The U.S. Election’s Impact on the Saudi Economy 

As Joe Biden and Kamala Harris claim victory in the U.S. Election, we at Mukatafa want to break down what a transfer of power means for the Saudi Arabian economy and significant relations within the Middle East. 


Former Vice President and President-Elect Joe Biden, and first-ever female, black, South Asian American Vice President-Elect, Kamala Harris made history on Saturday with the most votes ever won in a presidential election. 

This unprecedented duo seeks to unite the U.S. with calls to healing. “I pledge to be a president who does not see red or blue states, but United States,” Biden said. “This is the time to heal America. Let this grim era of demonization in America begin to end, here and now.”

Saudi Arabia’s King Salman and Crown Prince Mohammed bin Salman congratulated both Biden and Harris on Sunday with wishes of further progress and prosperity for the American people, according to the Saudi Press Agency.

Many analysts and politicians around the world say this election could change the Middle East’s major players’ political calculus. With calls to foreign trade amid COVID-19 and a lower oil demand compounded with a worldwide lack of travel, this election calls to play all moving parts of the global marketplace centered in Saudi.

As the world awaits to see how the Biden-Harris administration takes on matters of the Iran nuclear deal, the War in Yemen, the Syrian War, Chinese trade relations, and the impacts of lower demands of oil worldwide due to COIVD-19, some officials have expressed cynicism over U.S. policy even if Biden pursues diplomacy rather than President Donald Trump’s blunt approach to the region’s unrest.

Abdulrahman Alrashed in Al Arabiya, affirms Biden as the most “globally aware American politician to become President of the United States since President George H. W. Bush in 1990.” He said that Biden may be the president that is needed to strengthen the U.S.’s relationship with Riyadh, which has been “caught in the crossfire between the Democratic and Republican parties for the past four years.”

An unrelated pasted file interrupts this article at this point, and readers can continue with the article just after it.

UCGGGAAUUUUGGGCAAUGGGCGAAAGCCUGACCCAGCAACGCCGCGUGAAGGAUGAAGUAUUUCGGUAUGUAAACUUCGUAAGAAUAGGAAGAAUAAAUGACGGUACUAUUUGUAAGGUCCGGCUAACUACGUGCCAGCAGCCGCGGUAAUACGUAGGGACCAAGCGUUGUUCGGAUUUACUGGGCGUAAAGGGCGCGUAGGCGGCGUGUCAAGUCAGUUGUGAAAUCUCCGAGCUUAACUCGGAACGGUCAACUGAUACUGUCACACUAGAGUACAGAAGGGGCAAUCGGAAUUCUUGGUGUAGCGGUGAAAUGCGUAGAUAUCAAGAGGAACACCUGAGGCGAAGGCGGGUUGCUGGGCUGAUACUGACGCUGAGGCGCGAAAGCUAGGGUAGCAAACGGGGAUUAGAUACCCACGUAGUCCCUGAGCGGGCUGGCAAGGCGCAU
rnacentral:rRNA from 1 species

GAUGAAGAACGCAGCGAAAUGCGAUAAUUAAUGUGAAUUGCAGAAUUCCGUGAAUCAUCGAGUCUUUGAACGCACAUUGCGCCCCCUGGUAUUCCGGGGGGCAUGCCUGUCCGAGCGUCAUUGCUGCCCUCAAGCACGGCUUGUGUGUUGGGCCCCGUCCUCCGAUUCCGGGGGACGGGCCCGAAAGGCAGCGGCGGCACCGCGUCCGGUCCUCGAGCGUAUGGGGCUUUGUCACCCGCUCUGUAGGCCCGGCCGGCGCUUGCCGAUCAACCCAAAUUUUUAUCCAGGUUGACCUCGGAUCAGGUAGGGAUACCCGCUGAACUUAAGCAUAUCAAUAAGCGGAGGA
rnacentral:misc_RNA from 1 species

Biden will embrace free trade as a centrist, pragmatic democrat. His leadership will restore international institutions, including the World Trade Organization, to unify the global marketplace. As a former Vice President and Senator, Biden is known for his foreign policy expertise. He views a robust U.S. presence in the world as critical to U.S. power and prosperity, and one way the U.S. has helped maintain a liberal order since 1945 is by wielding its power through institutions. 

This notion alludes that while Biden will prioritize human rights over a global economy, he will also lead with encouragement for many companies and countries to diversify their economies. Abdulrahman Alrashed echoed similarly with, “Today, Saudi Arabia is more important than ever as a global supplier of energy, one of the key factors that play into US foreign policy.”

Ultimately, the Saudi economy and Middle eastern relationships with the U.S. have a lot less at stake with Biden’s platforms of peace and prioritization of a healthy global marketplace. As the U.S. reports over 100,000 new COVID-19 cases in a single day this week, the severity of a change in national and global treatments of this pandemic increases in urgency. Biden pledges to partner with the U.S.’s leading infectious disease expert, Dr. Anthony Fauci, with plans to prioritize a vaccine, offer free, widespread testing, and respond to the economic crisis with subsidies for businesses and families impacted the most by this economic catastrophe. 

But we must remember, even as the essence of U.S. democracy continues to be challenged as Trump sues blue-swinging states and election offices across the country, that these relations and the building of our global economy must transcend political parties. We are the people — international people — and the power has and always will be in us.